HIDE AND SEEK
September 28, 2010Read: Psalm 32
“You are my hiding place. You will protect me from trouble and surround me with songs of deliverance.” – Psalm 32: 7
I'm no Jack Hanna, but did you know that the rhinoceros beetle is the strongest creature on the planet? He’s the Popeye of the animal world. Elephants? Weaklings. Hippos? Don’t even belong in the same sentence. Oh sure, the elephant can put up to 25% of it’s weight on its back, and the Hippo’s bite provides around 1400 pounds of pressure per square inch, but compared to a beetle? That’s like fighting a lion with a toothpick, especially when you consider that this beetle can carry 850 times his own weight. To put that into perspective, if you were that strong, you’d be able to lift 65 tons over your head.
But what’s interesting to me is not how strong he is compared to the other creatures, but it’s how he got so strong that catches my attention. Scientists say he’s so strong because every day he digs his way to a hiding place to escape danger. He literally moves earth to get to safety. Simply put, he gets strong when he hides.
You know, as believers we gain strength when we go to our hiding place; when we find a quiet place to talk to the Lord and read His word. When we don’t — when we get “too busy” – we’re weakened, out in the open, vulnerable, and subject to predators we were never meant to face. But friends, when life is a jungle, He’s our hiding place and source of strength all in one, and we can go there anytime we want. After all, He moved heaven (and earth) to make sure we could.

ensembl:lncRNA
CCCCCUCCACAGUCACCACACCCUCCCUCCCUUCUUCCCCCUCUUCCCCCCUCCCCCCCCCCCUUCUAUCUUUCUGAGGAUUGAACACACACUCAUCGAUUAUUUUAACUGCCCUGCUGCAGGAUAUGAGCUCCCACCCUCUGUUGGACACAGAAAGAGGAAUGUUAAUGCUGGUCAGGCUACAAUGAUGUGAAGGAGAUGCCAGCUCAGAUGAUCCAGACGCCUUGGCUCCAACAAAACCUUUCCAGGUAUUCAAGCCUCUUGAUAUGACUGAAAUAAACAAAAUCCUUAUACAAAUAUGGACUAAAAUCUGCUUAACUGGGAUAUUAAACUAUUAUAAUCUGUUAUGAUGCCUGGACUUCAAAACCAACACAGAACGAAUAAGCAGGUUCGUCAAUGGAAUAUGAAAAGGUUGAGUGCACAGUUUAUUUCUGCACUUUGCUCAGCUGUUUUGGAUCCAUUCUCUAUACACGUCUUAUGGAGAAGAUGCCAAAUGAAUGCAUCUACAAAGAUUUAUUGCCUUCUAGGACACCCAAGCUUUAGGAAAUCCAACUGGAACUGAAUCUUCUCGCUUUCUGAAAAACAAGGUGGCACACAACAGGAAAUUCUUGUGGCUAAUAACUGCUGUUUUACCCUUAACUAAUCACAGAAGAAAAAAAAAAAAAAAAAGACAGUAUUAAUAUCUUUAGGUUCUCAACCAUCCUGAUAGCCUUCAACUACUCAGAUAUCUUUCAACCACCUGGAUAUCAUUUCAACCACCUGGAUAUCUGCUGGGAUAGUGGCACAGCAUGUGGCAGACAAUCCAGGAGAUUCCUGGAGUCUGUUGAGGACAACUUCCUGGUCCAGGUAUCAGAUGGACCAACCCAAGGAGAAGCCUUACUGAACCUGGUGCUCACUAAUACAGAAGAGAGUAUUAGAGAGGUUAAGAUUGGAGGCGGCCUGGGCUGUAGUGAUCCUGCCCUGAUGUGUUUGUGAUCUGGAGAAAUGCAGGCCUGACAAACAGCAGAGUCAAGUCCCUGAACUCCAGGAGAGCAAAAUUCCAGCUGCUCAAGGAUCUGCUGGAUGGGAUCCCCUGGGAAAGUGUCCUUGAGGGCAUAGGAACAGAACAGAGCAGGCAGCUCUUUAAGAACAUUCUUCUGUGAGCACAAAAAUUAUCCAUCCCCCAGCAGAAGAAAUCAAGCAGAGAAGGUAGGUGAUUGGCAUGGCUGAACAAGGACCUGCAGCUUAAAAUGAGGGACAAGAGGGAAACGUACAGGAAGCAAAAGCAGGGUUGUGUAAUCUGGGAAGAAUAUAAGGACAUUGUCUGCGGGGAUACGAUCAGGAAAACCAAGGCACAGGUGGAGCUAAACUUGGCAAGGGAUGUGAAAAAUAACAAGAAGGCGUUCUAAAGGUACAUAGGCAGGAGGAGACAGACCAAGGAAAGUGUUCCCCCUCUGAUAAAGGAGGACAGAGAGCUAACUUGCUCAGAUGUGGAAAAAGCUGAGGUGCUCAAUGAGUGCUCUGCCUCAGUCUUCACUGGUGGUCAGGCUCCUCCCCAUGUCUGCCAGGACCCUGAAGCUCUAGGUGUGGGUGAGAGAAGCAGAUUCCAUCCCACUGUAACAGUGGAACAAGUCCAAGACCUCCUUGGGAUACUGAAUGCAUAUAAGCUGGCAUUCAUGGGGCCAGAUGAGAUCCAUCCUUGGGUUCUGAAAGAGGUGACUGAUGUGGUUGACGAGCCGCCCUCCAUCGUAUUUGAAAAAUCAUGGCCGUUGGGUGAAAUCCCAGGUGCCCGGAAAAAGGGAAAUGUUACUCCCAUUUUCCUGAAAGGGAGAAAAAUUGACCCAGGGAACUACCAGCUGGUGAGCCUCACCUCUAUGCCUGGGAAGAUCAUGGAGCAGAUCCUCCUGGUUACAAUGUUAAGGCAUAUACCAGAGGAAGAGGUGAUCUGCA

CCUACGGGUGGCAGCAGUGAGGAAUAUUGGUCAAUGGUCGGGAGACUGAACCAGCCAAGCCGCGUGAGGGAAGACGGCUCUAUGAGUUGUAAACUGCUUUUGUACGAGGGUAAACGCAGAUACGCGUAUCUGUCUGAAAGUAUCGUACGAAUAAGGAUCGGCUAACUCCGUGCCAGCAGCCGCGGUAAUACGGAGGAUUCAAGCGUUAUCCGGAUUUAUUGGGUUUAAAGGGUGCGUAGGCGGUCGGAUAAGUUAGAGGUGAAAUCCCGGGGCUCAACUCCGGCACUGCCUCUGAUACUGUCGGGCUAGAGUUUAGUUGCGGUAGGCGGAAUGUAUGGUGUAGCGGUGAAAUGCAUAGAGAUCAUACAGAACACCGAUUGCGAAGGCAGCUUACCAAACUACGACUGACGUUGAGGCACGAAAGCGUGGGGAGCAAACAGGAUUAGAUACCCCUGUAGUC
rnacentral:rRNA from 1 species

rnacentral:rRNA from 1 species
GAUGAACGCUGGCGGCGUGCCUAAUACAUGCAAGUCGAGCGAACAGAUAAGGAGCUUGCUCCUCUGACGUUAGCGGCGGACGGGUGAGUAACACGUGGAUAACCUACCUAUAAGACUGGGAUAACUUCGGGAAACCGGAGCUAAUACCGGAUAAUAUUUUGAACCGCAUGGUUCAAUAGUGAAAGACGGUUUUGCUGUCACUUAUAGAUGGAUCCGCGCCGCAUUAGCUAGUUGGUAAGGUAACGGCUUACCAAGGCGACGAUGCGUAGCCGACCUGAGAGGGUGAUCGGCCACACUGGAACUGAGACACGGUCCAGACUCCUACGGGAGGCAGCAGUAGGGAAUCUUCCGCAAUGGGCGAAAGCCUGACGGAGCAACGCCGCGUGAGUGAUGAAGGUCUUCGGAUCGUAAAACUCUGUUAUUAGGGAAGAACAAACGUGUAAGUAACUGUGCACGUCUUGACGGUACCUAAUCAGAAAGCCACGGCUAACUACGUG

THE OBESITY GENDER GAP Does it cost women more than men to be obese?
Obesity is taking its toll on America. A new study conducted by OECD (Organization for Economic Cooperation and Development), a group of 33 countries ""committed to democracy and the market economy," showed that the U.S. has the highest percentage of overweight and obese individuals in the democratic, market-economy world. Not exactly a great distinction for us as Americans.
But within our own waist-widened society, it may be women that are hardest hit. Another study, performed by researchers at George Washington University, shows that a woman ends up paying nearly double her male counterparts. While a man racks up $2,646 annually in extra expenses if he is obese, a woman’s obesity costs her $4,879, almost twice as much. For the full story, click here.